A fascinating new study published last month in Frontiers in Decision Neuroscience offers a startling new take on yet another consequences of brain damage. The Chicago brain injury attorneys at our firm appreciate that these sorts of findings may soon have consequences on various aspect of injury cases related to this harm caused caused by the negligence of others.
As reported the Doctor’s Lounge, the study took a look at the consequences of damage to the prefrontal cortex. Researchers suspected that this area of the brain was crucial in issues such as belief and doubt. If true, they suspected that those which problems in these regions would show signs of struggles with traditional uses of these mental tools.
To test this hypothesis, the researchers (from the University of Iowa) presented various advertisements to patients with damage to different parts of the brain. Eighteen participants had harm to their ventromedial prefrontal cortex, twenty one had damage outside that area, and ten had no brain damage. The reaction and response to the eight ads were compared across the three groups.
They found differences depending on brain injury.
Similar to the suspicions of researchers beforehand, there were differences in doubt and belief of the misleading ads for those who had damage to the ventromedial prefrontal cortex. Those individuals were more likely to believe the ads, and they were most likely to express interest in buying the products highlighted in the material. Surprisingly, when the ads included a clear disclaimer explaining that the material was misleading, the skewed results persisted. In other words, even when warned of the problem, those with that particular brain injury were still more likely to be fooled by the unfair sales pitch.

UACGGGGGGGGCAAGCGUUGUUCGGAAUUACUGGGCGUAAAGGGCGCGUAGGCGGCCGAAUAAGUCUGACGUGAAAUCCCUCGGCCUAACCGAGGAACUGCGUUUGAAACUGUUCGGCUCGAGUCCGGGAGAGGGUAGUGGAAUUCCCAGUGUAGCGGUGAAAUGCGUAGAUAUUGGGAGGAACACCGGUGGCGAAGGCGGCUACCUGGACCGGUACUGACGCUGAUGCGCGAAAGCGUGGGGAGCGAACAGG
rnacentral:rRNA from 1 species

Of course, this has potential implications for those who suffer a traumatic brain injury to that part of the organ in incidents like car accidents and falls. In addition, researchers suspect that this fragility may disproportionately affect seniors who may have chronic problems with the prefrontal cortex as part of the aging process. This may be why seniors are more likely to fall for various fraud schemes.
What might this mean for future legal actions?
Our Chicago brain injury attorneys know that calculation of damages following an accident is a tricky process. The basic idea is that one hurt by the negligence of another should receive as much redress as necessary to “make themselves whole.” Therefore, the damage assessment process includes a full analysis of the overall harm caused to the injured party and the cost of correcting that harm.
Certain harms are easy to calculate–like medical bills. Other harms are much tougher to account for, like damage to long-term cognitive decision-making. However, that does not mean that the law should not attempt to fairly assess this harm and include it in some form in an award. As more and more research comes out of the likely long-term harm experienced by brain injury victims, that knowledge will likely be factored into these cases.
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